By Dr. Emmett Blahnik
60 million Americans suffer from asthma, more than the people afflicted with diabetes, heart disease, cancer, stroke, Alzheimer’s and Parkinson’s combined, according to the Asthma and Allergy Foundation of America. 1
Every day in the US, 40,000 people miss school or work because of asthma. 1 Already the most common chronic condition in children, it’s quickly rising among all age, sex and racial groups. 1
Although in some cases, there seems to be a familial link, most cases of asthma are from unknown causes, says the EPA. 2 Environmental triggers of asthma include: air pollution, cockroaches, dust mites, mold, pets and tobacco smoke. 2
In 2000, Dr.Stuart Levy of Tufts University spoke about research concerning antibacterials and asthma at the Emerging Infectious Diseases Conference. 3 He claimed that the rate of asthma cases could be correlated to the proliferation of antibacterial products, which grew from a few dozen in the 1990’s to more than 700 by 2000. 3
Not only does this antibacterial prevalence liken the risk that bacteria will become resistant, he believes that they alter the bacterial content of people’s digestive systems, killing “good” bacteria and triggering a proliferation of “bad.” 3 This triggers the immune system and inflammation.
Children are born with highly reactive immune system cells: they’re raring to go and ready for anything. 3 Exposure to bacteria and other invaders transforms some of these cells so that they become specifically geared to recognize and fight that antigen (become antibodies.) 3 Over time most of these highly reactive cells become paired up with specific invaders and calm down. 3
The use of antibiotics in infants and young children, and the limited exposure they have to potential antigens because of antibacterial overuse means that their immune systems never mature. 3 The cells never become specialized or calm down. 3 They react to everything they encounter as if it was a mortal threat. 3 This cell reaction and rush of forces causes inflammation in the airways and throughout the body. 3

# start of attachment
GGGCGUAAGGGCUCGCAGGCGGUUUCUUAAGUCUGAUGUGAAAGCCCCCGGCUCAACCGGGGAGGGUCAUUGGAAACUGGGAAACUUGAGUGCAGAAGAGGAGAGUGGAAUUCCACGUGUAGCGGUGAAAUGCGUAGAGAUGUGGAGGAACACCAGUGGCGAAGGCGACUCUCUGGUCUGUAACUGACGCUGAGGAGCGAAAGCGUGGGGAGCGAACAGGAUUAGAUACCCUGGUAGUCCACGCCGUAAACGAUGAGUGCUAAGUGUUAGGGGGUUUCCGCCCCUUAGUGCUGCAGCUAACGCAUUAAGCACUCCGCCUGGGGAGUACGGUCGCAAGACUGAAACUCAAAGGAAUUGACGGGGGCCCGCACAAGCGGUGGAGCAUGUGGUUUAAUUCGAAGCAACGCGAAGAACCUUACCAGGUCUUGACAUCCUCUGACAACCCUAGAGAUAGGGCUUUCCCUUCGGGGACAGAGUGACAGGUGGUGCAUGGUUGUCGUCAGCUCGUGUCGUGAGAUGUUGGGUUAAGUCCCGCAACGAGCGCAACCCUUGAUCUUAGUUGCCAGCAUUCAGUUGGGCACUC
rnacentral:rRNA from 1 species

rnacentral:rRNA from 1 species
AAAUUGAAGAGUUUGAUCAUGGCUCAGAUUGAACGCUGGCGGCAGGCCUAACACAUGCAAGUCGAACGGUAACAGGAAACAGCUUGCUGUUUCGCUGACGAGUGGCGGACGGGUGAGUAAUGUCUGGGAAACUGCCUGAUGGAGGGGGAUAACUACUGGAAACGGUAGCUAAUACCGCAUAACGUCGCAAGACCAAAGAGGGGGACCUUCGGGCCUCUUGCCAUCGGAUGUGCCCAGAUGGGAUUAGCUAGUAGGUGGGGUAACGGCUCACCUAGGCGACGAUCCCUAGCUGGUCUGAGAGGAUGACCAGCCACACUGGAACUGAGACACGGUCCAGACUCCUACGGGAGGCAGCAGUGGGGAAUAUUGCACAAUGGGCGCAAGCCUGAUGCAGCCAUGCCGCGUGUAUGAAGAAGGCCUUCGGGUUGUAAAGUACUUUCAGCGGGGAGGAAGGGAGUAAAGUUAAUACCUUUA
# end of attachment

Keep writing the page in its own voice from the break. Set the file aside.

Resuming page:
The “hygiene hypothesis” seems to hold validity. Scientists have found, for instance, that farm kids are much less likely to develop asthma and other allergic conditions than people who lived in cities and suburbs. 3
The researchers found that “hygiene and a westernized, semi-sterile diet may facilitate atopy (an allergic response) by influencing the overall pattern of commensals and pathogens that stimulate gut-associated lymphoid tissue,” and concluded that “antigenically rich (dirty) environment may be essential for normal immune maturation preventing atopic disease.” 3
Levy points out that greater use of antibacterials has never been proven to reduce health risks but this overuse may increase risks. We live in world teeming with bacteria, he says, and it isn’t helpful to think we can eradicate them all or that they are the invaders. We live in their world: it’s not that they live in ours. Let your kids get dirty and lighten your toxin load by using less antibacterial products.
Dr. Blahnik steps, if I were you….
- Healthy Nerve System Function: Spinal Corrective Care Chiropractic (this is not pain management Chiropractic) adjustments remove pressure from the nervous system, allowing the body to function at a higher level.
- Follow the Anti-Inflammatory Eating Plan.
- Allow your kids to get a little dirty
- Allow the 3 second rule for food dropped on the floor…actually make it 5 seconds.
- AAFA (2010). Asthma Facts and Figures. Asthma and Allergy Foundation of America [online]. Retrieved from http://www.aafa.org/display.cfm?id=8⊂=42
- EPA (2010, March). Asthma Prevalence. United States Environmental Protection Agency [online]. Retrieved from http://cfpub.epa.gov/eroe/index.cfm?fuseaction=detail.viewInd&lv=list.listByAlpha&r=201583&subtop=381
- Levy, Stuart B. (2000). Antibacterial Household Products: Cause for Concern. Emerging Infectious Diseases Conference 2000 [online]. Retrieved from http://www.cdc.gov/ncidod/eid/vol7no3_supp/levy.htm